June 6, 2016

Record rainfall leaves some seashore ramps flooded


Record rainfall from tropical cyclone Bonnie has left some ramps in the Cape Hatteras National Seashore flooded and hazardous for travel and has temporarily closed the Cape Point Campground.

Several of the ramps on the seashore have had standing water in low spots over the past week, but the most flooded and hazardous are Ramps 43 and 44 in Buxton and Ramp 49 in Frisco, according to Hatteras Island District Ranger Joe Darling.

According to the seashore's beach access and ramp report, there is 8 to 10 inches of standing water in the entry way to Ramp 43, but the ramp is passable.  The water at 44 and 49 is so deep that the report recommends that small and mid-size off-road vehicles use caution.

The seashore said in a news release that it has no plans to close any ramps, but late on Saturday, Darling  posted signs at some ramps warning drivers, "Due to extreme rainfall from Tropical Depression Bonnie, vehicular travel is not recommended past this location in low clearance vehicles.  Portions of the ORV ramp are flooded with deep water. Enter at your own risk."

On southern Hatteras Island, there are no flooding problems with Ramp 55 in Hatteras village across from the Graveyard of the Atlantic Museum.  However, the Pole Road, in the same area is reported to be under a foot of water.

On Friday, June 3, the Park Service reported 7 to 8 inches of standing water at Cape Point Campground, which has made the campground inoperable for "the foreseeable future."

The Park Service said that, beginning on Thursday, it paused the online reservation system for Cape Point Campground for seven days.

"After a week, park staff will assess the campground and determine if it is safe to allow visitors to reserve camping spaces," park officials said.

There are no other seashore campground closures. And anyone with a reservation in the campground will receive a refund for time during which it is closed.

Rainfall records were set for two days last week at Billy Mitchell Airport in Frisco.  On Memorial Day -- Monday, May 30 -- 7.09 inches of rain fell at the airport, and on Thursday, 4.33 inches inundated the area, breaking a second record.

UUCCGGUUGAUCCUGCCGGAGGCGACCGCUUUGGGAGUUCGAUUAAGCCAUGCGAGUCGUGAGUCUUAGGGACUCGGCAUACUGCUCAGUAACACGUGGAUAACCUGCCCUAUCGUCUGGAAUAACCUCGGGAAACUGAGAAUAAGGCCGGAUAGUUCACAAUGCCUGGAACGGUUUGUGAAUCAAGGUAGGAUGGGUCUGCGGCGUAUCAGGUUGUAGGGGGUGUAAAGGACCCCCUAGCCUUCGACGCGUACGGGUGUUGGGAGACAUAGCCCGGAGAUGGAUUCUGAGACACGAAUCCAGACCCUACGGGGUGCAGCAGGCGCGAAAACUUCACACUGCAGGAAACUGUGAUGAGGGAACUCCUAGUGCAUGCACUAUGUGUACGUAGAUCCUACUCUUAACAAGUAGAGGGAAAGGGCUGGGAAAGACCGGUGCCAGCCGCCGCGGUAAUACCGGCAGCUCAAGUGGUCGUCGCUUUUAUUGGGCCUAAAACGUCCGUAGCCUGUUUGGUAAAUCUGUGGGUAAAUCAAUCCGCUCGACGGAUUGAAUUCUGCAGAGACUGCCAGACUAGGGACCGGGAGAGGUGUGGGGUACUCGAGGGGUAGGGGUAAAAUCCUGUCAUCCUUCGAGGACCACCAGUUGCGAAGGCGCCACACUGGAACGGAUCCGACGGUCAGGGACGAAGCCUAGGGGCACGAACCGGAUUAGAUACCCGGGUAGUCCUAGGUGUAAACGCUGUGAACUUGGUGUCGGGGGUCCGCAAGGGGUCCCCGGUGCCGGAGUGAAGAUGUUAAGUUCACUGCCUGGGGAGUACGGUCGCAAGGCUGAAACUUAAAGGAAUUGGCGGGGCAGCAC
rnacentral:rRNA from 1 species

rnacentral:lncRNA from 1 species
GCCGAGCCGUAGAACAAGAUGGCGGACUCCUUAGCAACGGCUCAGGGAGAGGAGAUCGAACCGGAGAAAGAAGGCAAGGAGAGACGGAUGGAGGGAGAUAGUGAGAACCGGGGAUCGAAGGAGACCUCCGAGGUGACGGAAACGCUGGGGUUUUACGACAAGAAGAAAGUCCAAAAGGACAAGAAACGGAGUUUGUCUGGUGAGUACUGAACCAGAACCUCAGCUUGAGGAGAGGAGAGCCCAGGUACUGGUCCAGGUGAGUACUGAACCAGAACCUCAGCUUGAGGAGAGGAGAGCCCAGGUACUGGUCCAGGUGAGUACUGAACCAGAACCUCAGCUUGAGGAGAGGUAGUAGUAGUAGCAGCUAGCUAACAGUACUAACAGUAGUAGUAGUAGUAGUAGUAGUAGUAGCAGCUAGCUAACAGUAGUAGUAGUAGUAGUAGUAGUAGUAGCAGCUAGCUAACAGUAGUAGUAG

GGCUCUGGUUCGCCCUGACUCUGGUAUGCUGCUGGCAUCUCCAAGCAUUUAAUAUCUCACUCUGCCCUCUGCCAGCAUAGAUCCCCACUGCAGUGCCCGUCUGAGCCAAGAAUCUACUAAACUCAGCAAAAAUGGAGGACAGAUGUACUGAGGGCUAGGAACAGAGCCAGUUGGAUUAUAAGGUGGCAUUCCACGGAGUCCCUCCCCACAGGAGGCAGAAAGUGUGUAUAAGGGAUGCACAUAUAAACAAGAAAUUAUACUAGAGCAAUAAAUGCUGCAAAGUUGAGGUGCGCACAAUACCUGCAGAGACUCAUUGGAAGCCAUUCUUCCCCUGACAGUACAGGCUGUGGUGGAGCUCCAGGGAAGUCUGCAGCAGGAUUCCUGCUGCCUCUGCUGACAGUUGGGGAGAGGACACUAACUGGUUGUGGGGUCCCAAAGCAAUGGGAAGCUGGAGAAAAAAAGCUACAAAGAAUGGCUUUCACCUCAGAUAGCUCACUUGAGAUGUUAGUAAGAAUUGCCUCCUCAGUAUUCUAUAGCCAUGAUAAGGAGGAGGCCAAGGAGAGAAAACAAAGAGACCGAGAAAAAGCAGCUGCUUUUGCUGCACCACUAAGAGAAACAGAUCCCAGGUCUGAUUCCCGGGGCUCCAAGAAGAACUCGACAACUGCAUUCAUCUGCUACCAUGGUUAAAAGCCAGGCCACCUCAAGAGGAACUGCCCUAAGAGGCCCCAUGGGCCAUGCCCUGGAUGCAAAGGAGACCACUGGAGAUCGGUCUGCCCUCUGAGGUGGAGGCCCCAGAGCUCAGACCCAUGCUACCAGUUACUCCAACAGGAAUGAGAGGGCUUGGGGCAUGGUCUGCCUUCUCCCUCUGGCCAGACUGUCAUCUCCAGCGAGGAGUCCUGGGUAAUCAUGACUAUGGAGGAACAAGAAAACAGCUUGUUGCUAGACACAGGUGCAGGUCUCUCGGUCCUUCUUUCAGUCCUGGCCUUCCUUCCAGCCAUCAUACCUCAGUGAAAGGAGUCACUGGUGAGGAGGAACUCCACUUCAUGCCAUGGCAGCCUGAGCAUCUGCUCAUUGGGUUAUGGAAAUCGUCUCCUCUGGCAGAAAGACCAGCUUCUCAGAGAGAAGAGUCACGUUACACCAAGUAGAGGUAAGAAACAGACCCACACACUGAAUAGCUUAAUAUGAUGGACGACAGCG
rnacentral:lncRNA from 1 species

A monthly rainfall record for the month of May at Billy Mitchell also fell. The total for the month was 12.67 inches, breaking the old record of 11.7 inches, set in 2003.  The  normal rainfall for May is 3.57 inches.

The total rainfall at Billy Mitchell for the Bonnie storm event was more than 14 inches.

Currently, the National Weather Service is keeping an eye on the third tropical system of the 2016 season, which formed as a tropical depression early Sunday and by Sunday evening had become Tropical Storm Colin. This storm, which formed in the Gulf of Mexico, is forecast to move quickly toward the Florida panhandle  today.  Then it is expected to move rapidly across northern Florida and up the East Coast offshore of the Outer Banks Monday night into Tuesday.

Depending on the path of the storm, the local National Weather Service office says Hatteras and Ocracoke could see another 1 to 3 inches of rain, with a possibility of up to 4 inches.

Click here for the latest beach access update and ramp report from the National Park Service.

For more information on the weekend forecast for Hatteras and Ocracoke islands, go to the local Weather Service website at www.weather.gov/mhx/.  Or check out the local office on Facebook at https://www.facebook.com/NWSMoreheadCity/?fref=ts.

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